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A recent amendment to the New York City Human Rights Law that requires employers to respond to reasonable accommodation requests from employees in writing likely comes as good news to many, including the nearly 1 million New York City residents—about 11 percent—who, according to the Mayor’s Office for People With Disabilities, are living with disabilities.
Local Law No. 59, which went into effect October 15, 2018, clarifies the reasonable accommodation requirement by requiring covered entities—specifically, employers with four or more workers—to “engage in or seek to engage in a cooperative dialogue with individuals who may be entitled to such accommodation, in order to identify what reasonable accommodations are available to assist them.” (Emphasis added)
In addition to people with disabilities, the law applies to requests for accommodations related to religious needs, pregnancy, childbirth or a related medical condition and needs related to victims of domestic violence, sex offenses or stalking. The amendment also applies to providers of public accommodations and housing accommodations.
As stated in the Human Rights Law, “cooperative dialogue” means “the process by which a covered entity and a person entitled to an accommodation, or who may be entitled to an accommodation under the law, engage in good faith in a written or oral dialogue concerning the person’s accommodation needs.”
The cooperative dialogue also must address potential accommodations that may provide for the individual’s accommodation needs, including alternatives to a requested accommodation, and the difficulties that such potential accommodations could pose for the covered entity.
“Reasonable accommodation” means that the accommodation can be made without causing undue hardship to the employer’s business. According to the Human Rights Law, in determining whether a request will cause undue hardship, employers should consider:
Policies and procedures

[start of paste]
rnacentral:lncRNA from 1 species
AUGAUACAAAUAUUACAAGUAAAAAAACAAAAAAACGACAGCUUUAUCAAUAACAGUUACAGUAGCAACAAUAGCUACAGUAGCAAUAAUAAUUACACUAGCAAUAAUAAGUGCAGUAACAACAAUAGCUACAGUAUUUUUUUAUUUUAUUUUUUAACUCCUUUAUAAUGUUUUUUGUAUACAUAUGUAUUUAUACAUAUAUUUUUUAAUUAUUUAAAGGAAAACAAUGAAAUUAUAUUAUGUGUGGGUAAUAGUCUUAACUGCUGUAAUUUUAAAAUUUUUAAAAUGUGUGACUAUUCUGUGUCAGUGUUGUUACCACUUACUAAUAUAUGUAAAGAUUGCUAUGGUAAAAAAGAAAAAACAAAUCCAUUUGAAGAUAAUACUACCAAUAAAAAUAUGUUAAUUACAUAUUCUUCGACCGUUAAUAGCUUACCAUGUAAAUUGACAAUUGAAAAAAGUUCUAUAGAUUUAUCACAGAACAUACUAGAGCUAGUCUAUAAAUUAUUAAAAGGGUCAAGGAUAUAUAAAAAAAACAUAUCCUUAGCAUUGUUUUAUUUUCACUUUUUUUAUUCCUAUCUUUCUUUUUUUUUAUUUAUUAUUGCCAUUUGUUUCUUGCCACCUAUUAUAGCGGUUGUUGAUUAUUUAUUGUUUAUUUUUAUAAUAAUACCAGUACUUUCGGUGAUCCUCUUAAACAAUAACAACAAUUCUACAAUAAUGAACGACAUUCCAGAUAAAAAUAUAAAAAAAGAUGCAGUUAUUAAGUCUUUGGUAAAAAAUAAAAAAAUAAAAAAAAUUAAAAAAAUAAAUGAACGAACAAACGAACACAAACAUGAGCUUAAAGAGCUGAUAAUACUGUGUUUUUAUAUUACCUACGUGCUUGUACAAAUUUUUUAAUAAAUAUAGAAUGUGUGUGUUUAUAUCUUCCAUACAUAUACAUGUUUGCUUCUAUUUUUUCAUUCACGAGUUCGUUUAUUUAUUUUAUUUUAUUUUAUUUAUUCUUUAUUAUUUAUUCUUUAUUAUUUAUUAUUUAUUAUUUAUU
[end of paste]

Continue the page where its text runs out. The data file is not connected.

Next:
Employers with employees in New York City should ensure that they have updated policies and procedures in place to comply with the new law, including procedures for responding to employees’ requests for reasonable accommodations. Notices of employees’ rights should be posted and employees should be made aware of how to make a reasonable accommodation request.
Violation of the Human Rights Law could result in civil penalties up to $125,000, according to the Title 8 of the Administrative Code of the City of New York. Where it is found that an unlawful discriminatory practice was the result of the employer’s “willful, wanton or malicious act” or where an act of “discriminatory harassment or violence has occurred,” a civil penalty of up to $250,000 may be imposed, the Code states.
The law appears to place equal significance, and liability, on the process of responding to accommodation requests as it does the decision to grant or deny the accommodation. Further, the specific requirements are more stringent than those normally required under federal law under the Americans with Disabilities Act (ADA). Nonetheless, employers can subject themselves to liability under both city and federal law if they are not careful.
The bottom line: Employers should remember that all accommodation requests require specific action, including cooperative dialogue with employees and written, final determinations.
It is important that employers with employees in New York City review the new law and work quickly to comply with the regulations. An employment law attorney can assist with ensuring the proper policies and procedures are in place.